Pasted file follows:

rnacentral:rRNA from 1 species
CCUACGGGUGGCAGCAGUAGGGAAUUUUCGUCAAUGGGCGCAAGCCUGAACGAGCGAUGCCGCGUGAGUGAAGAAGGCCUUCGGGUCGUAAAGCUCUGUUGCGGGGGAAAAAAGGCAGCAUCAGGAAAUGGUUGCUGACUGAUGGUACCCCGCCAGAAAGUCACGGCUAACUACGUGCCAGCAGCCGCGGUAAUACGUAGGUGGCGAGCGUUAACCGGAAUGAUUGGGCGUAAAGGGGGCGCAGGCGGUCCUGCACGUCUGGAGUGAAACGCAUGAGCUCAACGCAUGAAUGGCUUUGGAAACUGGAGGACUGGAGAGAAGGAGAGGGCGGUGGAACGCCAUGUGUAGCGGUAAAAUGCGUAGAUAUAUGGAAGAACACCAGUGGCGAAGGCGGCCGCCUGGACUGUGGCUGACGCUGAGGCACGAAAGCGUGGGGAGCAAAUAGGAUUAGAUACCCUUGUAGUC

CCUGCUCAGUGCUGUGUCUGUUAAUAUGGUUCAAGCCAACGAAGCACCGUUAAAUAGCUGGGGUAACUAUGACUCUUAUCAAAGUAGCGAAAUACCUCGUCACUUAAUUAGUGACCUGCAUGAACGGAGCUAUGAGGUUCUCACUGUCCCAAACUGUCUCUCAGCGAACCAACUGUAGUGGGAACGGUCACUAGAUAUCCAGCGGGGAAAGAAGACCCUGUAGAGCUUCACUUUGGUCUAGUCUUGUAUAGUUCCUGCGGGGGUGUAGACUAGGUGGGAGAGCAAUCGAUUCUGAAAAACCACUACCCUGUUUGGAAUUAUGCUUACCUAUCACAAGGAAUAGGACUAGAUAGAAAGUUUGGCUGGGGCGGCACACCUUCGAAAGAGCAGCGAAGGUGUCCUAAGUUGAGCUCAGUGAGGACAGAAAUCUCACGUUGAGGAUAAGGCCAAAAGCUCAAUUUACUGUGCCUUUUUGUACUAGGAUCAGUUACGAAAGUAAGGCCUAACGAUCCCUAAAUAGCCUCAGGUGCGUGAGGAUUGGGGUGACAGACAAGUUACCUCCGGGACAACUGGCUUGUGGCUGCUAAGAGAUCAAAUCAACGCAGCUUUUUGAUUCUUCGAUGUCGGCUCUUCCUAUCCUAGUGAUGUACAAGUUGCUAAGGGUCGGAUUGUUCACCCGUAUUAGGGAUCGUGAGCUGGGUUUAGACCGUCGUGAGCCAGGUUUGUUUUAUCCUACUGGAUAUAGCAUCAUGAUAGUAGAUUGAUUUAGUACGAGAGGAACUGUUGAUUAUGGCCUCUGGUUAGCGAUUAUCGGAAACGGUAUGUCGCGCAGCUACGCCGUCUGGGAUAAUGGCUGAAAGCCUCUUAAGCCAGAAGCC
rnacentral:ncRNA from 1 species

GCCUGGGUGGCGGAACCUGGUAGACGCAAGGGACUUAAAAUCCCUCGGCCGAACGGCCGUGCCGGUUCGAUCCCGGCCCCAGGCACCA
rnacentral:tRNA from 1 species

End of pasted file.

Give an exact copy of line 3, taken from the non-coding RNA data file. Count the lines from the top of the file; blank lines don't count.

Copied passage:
CCUGCUCAGUGCUGUGUCUGUUAAUAUGGUUCAAGCCAACGAAGCACCGUUAAAUAGCUGGGGUAACUAUGACUCUUAUCAAAGUAGCGAAAUACCUCGUCACUUAAUUAGUGACCUGCAUGAACGGAGCUAUGAGGUUCUCACUGUCCCAAACUGUCUCUCAGCGAACCAACUGUAGUGGGAACGGUCACUAGAUAUCCAGCGGGGAAAGAAGACCCUGUAGAGCUUCACUUUGGUCUAGUCUUGUAUAGUUCCUGCGGGGGUGUAGACUAGGUGGGAGAGCAAUCGAUUCUGAAAAACCACUACCCUGUUUGGAAUUAUGCUUACCUAUCACAAGGAAUAGGACUAGAUAGAAAGUUUGGCUGGGGCGGCACACCUUCGAAAGAGCAGCGAAGGUGUCCUAAGUUGAGCUCAGUGAGGACAGAAAUCUCACGUUGAGGAUAAGGCCAAAAGCUCAAUUUACUGUGCCUUUUUGUACUAGGAUCAGUUACGAAAGUAAGGCCUAACGAUCCCUAAAUAGCCUCAGGUGCGUGAGGAUUGGGGUGACAGACAAGUUACCUCCGGGACAACUGGCUUGUGGCUGCUAAGAGAUCAAAUCAACGCAGCUUUUUGAUUCUUCGAUGUCGGCUCUUCCUAUCCUAGUGAUGUACAAGUUGCUAAGGGUCGGAUUGUUCACCCGUAUUAGGGAUCGUGAGCUGGGUUUAGACCGUCGUGAGCCAGGUUUGUUUUAUCCUACUGGAUAUAGCAUCAUGAUAGUAGAUUGAUUUAGUACGAGAGGAACUGUUGAUUAUGGCCUCUGGUUAGCGAUUAUCGGAAACGGUAUGUCGCGCAGCUACGCCGUCUGGGAUAAUGGCUGAAAGCCUCUUAAGCCAGAAGCC